Sunday, February 19, 2017

Dorrance/Van Young Transform the Guggenheim Into a Giant Instrument

Photo: Matthew Murphy
No other building in New York City can compare to Frank Lloyd Wright's Guggenheim. The spiral ramp that forms the rotunda may pose logistical problems when installing an exhibition, but who among us hasn't daydreamed of rolling from the top to the bottom on the ramp, ideally free of visitors? The museum is currently showing Visionaries: Creating a Modern Guggenheim, which is essentially a selection of core works elucidating the museum's mission, essentially the history of modern 20th century abstract art.
Michelle Dorrance and Nicholas Van Young. Photo: Matthew Murphy
Michelle Dorrance and Nicholas Van Young, plus her company, were given free rein on Feb 16 to turn the rotunda into a giant instrument, with the full-house audience as participants. Dorrance is known for her imaginative tap choreography, but here the company for the most part wore street shoes (at least I think that's what they were, as I watched at a distance from the top level). As Dorrance whacked a drum, dancers pushed boxes on the ground (that comprised platforms when assembled), tracing figure 8s, and slapping or stomping on them to create sounds. A pair lay on the floor and posed in various shapes which read clearly from on high.

The performers hit together red plastic sticks, and mock dueled one another. A trio stood mid-level and sang out into the atrium. They then ran down the ramp for a circuit, repositioned themselves against the railing, and sang again. Just below me, a team with longer plastic tubes whacked them against the railing in rhythmic patterns.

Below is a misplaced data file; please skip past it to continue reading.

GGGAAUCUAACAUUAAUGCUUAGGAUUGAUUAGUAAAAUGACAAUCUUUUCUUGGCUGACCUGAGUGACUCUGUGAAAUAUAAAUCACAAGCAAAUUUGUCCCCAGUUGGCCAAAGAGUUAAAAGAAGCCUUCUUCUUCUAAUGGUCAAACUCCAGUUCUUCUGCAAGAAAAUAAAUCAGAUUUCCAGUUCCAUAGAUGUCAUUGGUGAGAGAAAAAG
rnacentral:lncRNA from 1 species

Photo: Matthew Murphy

Van Young stood at the ground floor's center and conducted us, the audience, in alternating rounds of claps, varying in speed and pattern. It was remarkable how quickly people picked up what he was doing, and what we needed to do in response. He and Dorrance hit some spheres floating in the small pool (which I always forget is there), creating yet more types of sounds. Wooden platforms for tapping were dragged in, and the dancers carried their tap shoes out, laced them up, and made a cacaphonous barrage of reports which bounced around the rotunda. Dorrance's ingenuity emerged not only in the tap routine she performed solo, but in the simple yet effective section where most of the company marched in a looping line, each step resonating loudly.

The event is part of the Works & Process Rotunda Project, which intends to activate the main gallery space. Dorrance/Van Young certainly left no area unused, showing the potential of the iconic space when in the hands of visionary creators. The next work in the series will be in September by ABT principal Daniil Simkin. 

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